Dušan Brinkhuizen is a biologist and Rockjumper leader who resides in Ecuador. He graduated from the University of Groningen in the Netherlands with an MSc specializing in avian research. Dušan has been an avid “Dutch Birder” from a young age.
His studies included projects on extra-pair paternity, breeding systems, evolution of song, speciation and community ecology in countries including Australia, China, Hungary, Zweden and Ecuador. During fieldwork, he got seriously hooked on Neotropical biodiversity and wilderness. Dušan lives in the capital Quito where he has been actively involved in the ornithological community since 2007. Activities apart from leading birdwatching tours include scientific research, bird sound recording and bird photography. Dušan is a member of CERO (Comité Ecuatoriano de Registros Ornitológicos), Ecuador’s rarities committee.
How did you get into birding?
At the age of six, I went biking with my father (an ichthyo-archaeologist by profession but always inspired by the outdoors and nature) where he pointed out a striking blue bird that flew across the path. It was a stunning Common Kingfisher and all the excitement had me instantly hooked! From then on, I spent more hours in the city park looking for new birds than I spent time at home. During our annual family holidays, my uncle Mima, a keen speleologists, brought us to the remotest corners of eastern Serbia to search for my most wanted bird “Sivi Soko”, the Peregrine Falcon. At the age of ten a colleague of my dad’s, Jaap Schelvis, invited us to go birdwatching in the Eemshaven. That day I discovered a drake Blue-winged Teal, a very rare vagrant to the Netherlands, and there was clearly no going back; birding had become my ultimate passion. Soon I hooked up with more local birders including Bert de Bruin (at the time, a member of the Dutch rarities committee) who became one of my birding mentors in the early days.
What led you to choose a career in tourism?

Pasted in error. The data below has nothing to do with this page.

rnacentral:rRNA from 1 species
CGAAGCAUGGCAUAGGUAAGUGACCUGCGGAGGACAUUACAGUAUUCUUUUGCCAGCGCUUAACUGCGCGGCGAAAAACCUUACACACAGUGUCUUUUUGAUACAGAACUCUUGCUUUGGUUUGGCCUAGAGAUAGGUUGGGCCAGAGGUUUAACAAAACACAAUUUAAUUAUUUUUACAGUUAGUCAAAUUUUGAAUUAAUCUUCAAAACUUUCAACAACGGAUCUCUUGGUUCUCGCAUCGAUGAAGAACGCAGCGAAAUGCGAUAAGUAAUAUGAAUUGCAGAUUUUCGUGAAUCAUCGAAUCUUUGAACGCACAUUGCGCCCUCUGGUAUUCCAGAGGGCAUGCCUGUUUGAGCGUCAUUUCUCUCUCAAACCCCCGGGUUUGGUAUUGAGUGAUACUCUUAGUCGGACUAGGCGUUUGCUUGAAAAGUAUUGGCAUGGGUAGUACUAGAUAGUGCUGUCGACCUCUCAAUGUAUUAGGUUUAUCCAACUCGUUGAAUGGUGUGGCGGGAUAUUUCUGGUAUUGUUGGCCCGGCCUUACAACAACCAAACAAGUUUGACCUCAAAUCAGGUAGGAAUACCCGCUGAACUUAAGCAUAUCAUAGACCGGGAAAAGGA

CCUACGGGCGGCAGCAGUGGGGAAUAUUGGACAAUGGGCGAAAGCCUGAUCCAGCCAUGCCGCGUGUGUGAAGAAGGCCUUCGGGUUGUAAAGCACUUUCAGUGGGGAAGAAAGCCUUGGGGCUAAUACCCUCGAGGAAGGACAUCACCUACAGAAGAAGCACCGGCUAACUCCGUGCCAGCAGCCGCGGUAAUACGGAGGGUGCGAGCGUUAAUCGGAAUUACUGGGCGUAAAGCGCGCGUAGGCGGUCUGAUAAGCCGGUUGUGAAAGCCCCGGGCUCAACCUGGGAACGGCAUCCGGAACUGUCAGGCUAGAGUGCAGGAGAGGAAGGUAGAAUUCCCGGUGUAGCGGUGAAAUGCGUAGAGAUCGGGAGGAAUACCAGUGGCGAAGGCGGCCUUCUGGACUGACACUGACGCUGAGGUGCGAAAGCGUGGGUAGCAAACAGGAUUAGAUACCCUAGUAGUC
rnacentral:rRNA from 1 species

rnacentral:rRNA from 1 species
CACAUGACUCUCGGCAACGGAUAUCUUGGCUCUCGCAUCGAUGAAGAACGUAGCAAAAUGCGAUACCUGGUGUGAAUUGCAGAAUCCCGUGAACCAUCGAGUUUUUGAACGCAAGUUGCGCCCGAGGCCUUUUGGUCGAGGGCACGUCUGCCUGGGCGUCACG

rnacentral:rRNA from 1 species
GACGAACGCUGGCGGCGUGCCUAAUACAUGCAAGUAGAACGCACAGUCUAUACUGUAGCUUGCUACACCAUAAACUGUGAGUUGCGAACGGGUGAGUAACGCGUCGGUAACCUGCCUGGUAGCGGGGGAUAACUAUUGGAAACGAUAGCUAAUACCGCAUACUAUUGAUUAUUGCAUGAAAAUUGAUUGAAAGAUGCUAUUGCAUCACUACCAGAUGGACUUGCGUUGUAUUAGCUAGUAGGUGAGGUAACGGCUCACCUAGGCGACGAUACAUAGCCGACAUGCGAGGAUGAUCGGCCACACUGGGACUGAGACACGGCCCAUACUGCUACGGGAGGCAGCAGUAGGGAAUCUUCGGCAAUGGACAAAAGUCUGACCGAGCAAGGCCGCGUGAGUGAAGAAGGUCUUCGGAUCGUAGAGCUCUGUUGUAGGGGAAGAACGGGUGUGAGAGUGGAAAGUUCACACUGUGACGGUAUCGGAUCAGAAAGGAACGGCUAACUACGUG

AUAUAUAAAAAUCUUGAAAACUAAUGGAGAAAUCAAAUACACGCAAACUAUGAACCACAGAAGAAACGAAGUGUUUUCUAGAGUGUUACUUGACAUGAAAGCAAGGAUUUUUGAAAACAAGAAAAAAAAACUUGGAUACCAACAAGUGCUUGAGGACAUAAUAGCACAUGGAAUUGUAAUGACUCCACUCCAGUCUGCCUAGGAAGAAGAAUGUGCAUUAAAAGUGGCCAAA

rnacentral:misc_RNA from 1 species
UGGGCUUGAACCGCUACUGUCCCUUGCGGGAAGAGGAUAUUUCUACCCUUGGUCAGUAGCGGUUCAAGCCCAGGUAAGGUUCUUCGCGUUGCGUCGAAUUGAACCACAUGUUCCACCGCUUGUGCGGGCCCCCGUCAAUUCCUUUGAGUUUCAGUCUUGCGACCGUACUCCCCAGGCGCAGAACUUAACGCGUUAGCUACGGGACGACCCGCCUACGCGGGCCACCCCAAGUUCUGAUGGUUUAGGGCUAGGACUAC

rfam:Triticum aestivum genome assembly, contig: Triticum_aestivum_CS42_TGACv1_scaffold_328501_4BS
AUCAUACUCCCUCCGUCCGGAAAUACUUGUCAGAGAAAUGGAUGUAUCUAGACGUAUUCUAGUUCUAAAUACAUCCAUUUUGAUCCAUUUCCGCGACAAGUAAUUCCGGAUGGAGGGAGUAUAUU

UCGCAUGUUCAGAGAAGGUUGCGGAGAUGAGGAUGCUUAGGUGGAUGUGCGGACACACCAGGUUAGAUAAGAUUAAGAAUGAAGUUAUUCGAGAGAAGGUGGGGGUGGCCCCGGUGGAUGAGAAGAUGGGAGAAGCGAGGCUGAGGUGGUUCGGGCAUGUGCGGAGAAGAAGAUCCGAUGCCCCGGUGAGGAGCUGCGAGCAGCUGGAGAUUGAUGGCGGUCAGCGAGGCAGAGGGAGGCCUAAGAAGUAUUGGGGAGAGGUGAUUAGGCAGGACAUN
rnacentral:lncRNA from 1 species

My first introduction to avi-tourism was in Ecuador while I was doing field research in the Mindo area. At the time I frequently ran into tour groups and realized that I could be out birding with them instead of taking birds out of a mist net. Of course I still have a strong interest in scientific research but clearly, tourism is a more direct way of sharing my passion for birds with others. Coupled with the fact that tourism in Ecuador has a strong impact on local conservation, a career in tourism was an inevitable choice.
What are your other hobbies and interests?
In general, I like to travel (but who doesn’t?) and meet interesting people and cultures from all over the world. I also enjoy playing a good game of basketball.
What do you enjoy most about being on tour?
Being outside in nature and the wilderness is a delight. There are so many things to see and learn out there – enjoying nature is simply inexhaustible. I really derive great pleasure from sharing my knowledge and passion with others and aim to inspire as many people as I possibly can. And of course, adding a few “lifers” to my list is very exciting too!
What are your strengths as a tour leader?
Over the years I have gained a lot of experience as a tour leader. Also being a lifetime birder I developed a good understanding of how birding works, which is crucial for understanding clients. With my enthusiasm, I have always been able to create a good group dynamic which is very important to me. My background as a biologist and my expertise in bird photography are things that many clients have appreciated during tours. As a birder, my best skill must be my ability to recognize species by their vocalisations.
Are you a keen bird photographer?
Yes. I have been photographing birds with a telephoto lens since 2000 and my current setup is a Canon 100-400mm with a 70D body. If the situation permits I like to snap a few shots during a tour but any great bird image taken is a bonus. Some of my work can be seen on www.sapayoa.com.
Are you a lister?
Yes. Although numbers are usually not that important to me I do like to keep detailed track of all the species and taxa that I see. My current Ecuador list stands on 1521 species (IOC taxonomy), which is quite a lot for that country. I have to admit I did do some twitching in-country. A team of friends and I recently broke the world record for a Big Day in birding with 431 species in 24-hours. A little competition is just part of the game! I also like to keep track of current taxonomic changes (although I do not always agree with new splits or lumps).
What are your future goals as a tour leader?
One of my main goals is to popularize birding and inspire as many people as I can to travel so we can continue to protect more habitats around the world. Furthermore, I would like to improve my skills as a tour leader and expand my knowledge of birds throughout the world.
What is your favourite country to guide in?
What is your advice to people who are interested in going on a birding tour?
Go out birding as much as you can! Birding keeps you fit and it’s great fun! Furthermore, it’s a fantastic way to support conservation.